Therapeutic antibodies are a popular and effective class of cancer drugs, particularly when combined with more traditional treatments. While natural antibodies are found in our blood all the time, they do not recognize cancer. Therapeutic antibodies are designed to recognize special molecules found only on the surface of cancer cells, allowing them to target and kill those cells without harming healthy ones. This results in a dramatic decrease in the side effects of chemotherapy such as nausea, fatigue and hair loss. Little is known about how therapeutic antibodies work, including the reasons why they are ineffective in some cancer patients. This lack of knowledge currently makes it hard to adapt or improve the drugs. Jesse Popov is studying trastuzumab, a therapeutic antibody used to treat aggressive breast cancers. Focusing on revolutionary new theories about the way that cellular membranes function, Jesse is working to determine how trastuzumab works in the body, as well as the basis for trastuzumab resistance. With new insights, he hopes to uncover ways to tailor therapeutic antibody-containing pharmaceuticals to make them more effective in treating different forms of cancer. This research is part of the ongoing Breast Cancer Research Program at the BC Cancer Research Centre, an initiative focused on identifying pharmaceutically viable methods for improving the effectiveness of breast cancer treatment.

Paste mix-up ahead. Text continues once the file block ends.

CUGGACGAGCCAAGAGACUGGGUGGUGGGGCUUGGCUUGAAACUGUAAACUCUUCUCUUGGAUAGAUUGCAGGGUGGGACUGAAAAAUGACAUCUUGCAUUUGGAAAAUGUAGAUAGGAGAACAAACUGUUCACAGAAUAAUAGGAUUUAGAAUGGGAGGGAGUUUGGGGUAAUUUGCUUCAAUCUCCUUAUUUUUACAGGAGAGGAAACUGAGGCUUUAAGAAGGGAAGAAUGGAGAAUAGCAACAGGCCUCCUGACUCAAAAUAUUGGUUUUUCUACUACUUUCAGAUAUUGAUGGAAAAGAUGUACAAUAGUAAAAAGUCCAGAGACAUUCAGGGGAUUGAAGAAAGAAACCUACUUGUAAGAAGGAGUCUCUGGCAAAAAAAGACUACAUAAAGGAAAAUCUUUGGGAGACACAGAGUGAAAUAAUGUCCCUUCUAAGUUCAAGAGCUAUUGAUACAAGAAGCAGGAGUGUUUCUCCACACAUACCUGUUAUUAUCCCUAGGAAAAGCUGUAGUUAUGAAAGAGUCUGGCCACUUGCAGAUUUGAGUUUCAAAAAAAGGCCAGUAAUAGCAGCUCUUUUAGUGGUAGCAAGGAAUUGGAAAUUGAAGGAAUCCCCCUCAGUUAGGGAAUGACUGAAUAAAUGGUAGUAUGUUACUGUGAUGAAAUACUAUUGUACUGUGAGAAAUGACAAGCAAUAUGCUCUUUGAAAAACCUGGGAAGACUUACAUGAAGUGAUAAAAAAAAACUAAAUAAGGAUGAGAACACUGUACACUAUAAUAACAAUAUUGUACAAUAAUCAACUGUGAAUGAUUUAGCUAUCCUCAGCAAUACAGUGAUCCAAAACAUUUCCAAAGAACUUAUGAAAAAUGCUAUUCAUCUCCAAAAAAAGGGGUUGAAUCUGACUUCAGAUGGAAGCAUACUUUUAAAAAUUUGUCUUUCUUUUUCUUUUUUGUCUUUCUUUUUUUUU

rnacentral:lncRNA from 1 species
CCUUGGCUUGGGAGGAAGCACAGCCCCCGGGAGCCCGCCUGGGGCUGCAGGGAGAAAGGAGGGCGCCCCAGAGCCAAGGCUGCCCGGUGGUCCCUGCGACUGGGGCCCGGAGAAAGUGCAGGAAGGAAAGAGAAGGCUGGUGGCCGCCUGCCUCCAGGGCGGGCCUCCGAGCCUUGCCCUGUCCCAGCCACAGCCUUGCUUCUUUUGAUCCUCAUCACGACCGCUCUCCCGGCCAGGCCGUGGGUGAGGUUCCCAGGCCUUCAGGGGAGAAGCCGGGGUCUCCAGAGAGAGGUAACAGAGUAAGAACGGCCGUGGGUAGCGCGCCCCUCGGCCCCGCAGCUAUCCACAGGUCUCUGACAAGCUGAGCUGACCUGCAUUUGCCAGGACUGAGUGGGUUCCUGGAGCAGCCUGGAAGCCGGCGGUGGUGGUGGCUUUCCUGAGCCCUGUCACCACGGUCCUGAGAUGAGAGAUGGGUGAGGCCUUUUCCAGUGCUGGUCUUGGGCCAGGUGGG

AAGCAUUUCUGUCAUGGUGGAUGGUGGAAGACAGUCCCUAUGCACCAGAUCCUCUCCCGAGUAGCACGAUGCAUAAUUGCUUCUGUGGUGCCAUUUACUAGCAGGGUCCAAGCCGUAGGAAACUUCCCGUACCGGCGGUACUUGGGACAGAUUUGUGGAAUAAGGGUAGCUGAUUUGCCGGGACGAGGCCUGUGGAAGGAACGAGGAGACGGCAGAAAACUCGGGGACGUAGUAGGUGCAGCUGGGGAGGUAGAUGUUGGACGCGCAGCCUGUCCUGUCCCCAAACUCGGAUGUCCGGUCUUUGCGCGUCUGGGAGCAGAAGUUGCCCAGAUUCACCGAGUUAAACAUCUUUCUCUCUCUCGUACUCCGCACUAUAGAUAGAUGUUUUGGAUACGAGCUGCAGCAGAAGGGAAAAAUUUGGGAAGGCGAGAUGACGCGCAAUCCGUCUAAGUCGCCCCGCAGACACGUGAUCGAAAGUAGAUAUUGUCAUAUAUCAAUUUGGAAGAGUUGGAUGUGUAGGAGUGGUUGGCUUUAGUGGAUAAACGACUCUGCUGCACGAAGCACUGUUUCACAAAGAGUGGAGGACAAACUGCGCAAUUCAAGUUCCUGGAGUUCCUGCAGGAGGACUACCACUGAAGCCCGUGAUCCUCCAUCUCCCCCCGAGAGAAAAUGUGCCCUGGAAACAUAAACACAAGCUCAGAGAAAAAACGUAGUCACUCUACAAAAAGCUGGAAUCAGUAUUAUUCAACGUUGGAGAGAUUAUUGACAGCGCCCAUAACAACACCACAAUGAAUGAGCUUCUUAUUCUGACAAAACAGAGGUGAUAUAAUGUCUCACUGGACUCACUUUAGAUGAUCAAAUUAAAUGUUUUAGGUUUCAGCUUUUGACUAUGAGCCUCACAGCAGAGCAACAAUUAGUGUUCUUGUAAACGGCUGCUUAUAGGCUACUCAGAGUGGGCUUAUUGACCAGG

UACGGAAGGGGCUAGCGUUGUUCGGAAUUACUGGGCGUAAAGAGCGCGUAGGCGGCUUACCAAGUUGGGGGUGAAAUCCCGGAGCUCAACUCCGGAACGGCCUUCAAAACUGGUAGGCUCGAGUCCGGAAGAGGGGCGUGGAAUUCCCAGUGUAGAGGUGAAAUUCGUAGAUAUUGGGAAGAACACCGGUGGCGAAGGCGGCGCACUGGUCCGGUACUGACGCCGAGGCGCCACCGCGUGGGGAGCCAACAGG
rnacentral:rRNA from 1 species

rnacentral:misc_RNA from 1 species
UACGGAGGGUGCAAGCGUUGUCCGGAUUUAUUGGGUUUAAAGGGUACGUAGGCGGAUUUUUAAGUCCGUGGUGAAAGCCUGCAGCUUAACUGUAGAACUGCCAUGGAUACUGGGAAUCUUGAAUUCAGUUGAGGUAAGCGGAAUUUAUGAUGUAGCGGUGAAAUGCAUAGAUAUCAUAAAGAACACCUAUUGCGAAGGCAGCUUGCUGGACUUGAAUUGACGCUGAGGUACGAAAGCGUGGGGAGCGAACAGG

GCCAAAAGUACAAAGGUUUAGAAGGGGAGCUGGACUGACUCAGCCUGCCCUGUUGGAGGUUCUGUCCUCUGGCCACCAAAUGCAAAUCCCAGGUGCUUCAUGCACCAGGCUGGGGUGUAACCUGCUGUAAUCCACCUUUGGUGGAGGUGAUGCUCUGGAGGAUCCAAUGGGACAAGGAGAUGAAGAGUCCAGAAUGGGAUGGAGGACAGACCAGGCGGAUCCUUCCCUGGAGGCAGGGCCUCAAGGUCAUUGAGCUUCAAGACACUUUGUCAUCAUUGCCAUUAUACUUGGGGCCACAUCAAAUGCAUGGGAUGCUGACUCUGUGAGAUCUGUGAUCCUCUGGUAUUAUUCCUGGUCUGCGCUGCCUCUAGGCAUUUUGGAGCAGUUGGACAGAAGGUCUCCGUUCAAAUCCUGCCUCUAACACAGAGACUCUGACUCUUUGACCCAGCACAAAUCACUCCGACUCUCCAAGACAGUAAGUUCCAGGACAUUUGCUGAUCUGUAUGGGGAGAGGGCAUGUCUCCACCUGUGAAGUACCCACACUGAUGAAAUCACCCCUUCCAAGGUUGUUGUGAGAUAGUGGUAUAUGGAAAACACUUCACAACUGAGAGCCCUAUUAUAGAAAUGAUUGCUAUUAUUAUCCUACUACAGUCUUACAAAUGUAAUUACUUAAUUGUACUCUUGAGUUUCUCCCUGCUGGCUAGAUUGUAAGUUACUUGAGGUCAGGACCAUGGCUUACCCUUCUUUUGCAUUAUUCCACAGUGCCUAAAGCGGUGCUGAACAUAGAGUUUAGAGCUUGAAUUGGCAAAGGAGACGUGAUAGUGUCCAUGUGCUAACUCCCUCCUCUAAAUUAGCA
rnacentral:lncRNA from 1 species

Non-Hodgkin’s Lymphoma (NHL) is a cancer of lymphocytes – a type of white blood cell that moves throughout the body as part of its role in immune defense. As a complex disease with both environmental and genetic factors contributing to its development, NHL is incurable and the fourth highest cause of cancer deaths in Canada. Johanna Schinas aims to identify the genetic factors contributing to NHL susceptibility. She is focusing on the role of apoptosis which is a natural process of cell death triggered by genes and carried out by the immune system. When an immune cell originally meant for destruction escapes apoptosis, it becomes an ideal environment for further changes that can cause progression to malignant cancer. By searching for DNA variants in apoptosis genes that are associated with the development of lymphoma, she hopes to identify markers of genetic susceptibility to lymphoma. This will lead to not only a better understanding of the molecular basis of this cancer, but also assist in the design of effective surveillance programs for at-risk individuals.
Resistance to cancer and infectious diseases relies on complex responses in our immune system. Natural killer (NK) cells provide a first line of defence, recognizing and killing infected and tumour cells, while sparing normal cells. NK cells use an intricate system of proteins, found on their surface, to either activate or inhibit their “natural killer” activity. However, the mechanisms by which these proteins induce this action are not completely understood. Dr. Valeria Alcón is studying two cellular proteins (CD72 and CD100) that are involved in the activation of several immune cells to determine how these proteins regulate natural killer cell activity. She is also examining how NK cells interact with other immune system cells to induce immune responses. Her research could explain how to activate natural killer cells, leading to the development of more effective treatments for infectious disease and cancer.